Chase Elliott won’t go down in history as a one-hit wonder. The son of the legendary “Awesome Bill from Dawsonville” Elliott follows his victory at Watkins Glen with an encore at Dover. Most importantly, it stamps his passport to the next round of NASCAR’s playoff series. Secondly, it establishes the 22-year old as a bona fide winner.
Don’t believe for a moment this will be Chase Elliott’s last celebration of the spoils of victory. Except for those elusive wins, Elliott has been a consistent contender. Yes, he has good equipment. So did Danica Patrick.
Yours truly is not a racer and he doesn’t play one on TV. Having said that, the view from here is that perhaps he was a little too conservative in his pursuit of victory. While that’s easier on the team owner than a an over-aggressive neophyte who wads up all the equipment, it gets frustrating to see a driver get soooo close so many teams without closing the deal. Now, the deal is done.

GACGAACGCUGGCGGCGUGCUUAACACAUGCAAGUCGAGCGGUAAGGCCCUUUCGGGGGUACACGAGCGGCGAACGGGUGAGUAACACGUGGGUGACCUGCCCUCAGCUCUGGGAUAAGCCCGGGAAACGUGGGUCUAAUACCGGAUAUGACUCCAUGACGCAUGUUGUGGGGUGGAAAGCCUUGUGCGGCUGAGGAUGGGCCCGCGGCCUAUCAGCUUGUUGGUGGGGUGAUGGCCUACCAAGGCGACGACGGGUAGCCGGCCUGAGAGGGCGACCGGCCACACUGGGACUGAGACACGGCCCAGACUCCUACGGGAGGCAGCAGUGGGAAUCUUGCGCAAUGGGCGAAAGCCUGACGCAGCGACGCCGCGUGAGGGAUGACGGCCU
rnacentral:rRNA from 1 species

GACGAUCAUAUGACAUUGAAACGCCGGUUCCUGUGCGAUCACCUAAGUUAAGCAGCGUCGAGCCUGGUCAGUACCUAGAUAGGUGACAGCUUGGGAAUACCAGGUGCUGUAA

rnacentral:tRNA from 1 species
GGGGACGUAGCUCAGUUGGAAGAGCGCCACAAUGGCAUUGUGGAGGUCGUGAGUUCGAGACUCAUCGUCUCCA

In what has been a relatively dark hour for Hendrick Motorsports, Chase Elliott has been a bright light. When Jimmie Johnson is struggling, when William Byron is foundering a bit, when Alex Bowman has not made the headlines the team has been used to seeing, you begin to ask some tough questions. Chase Elliott reminds you that you haven’t completely lost it.
It may be a “Captain Obvious” statement, but confidence is huge in sports. I see it as a coach. A kid who continually overthinks his every move, and therefore seems to miss the most golden opportunities figures it out. With a belief he or she can win every time, suddenly the potential has been fulfilled.
Chase Elliott has crossed over. His opponents will be keeping a keen eye on him. Certainly he has made his statement that he is building a resume to match the popularity.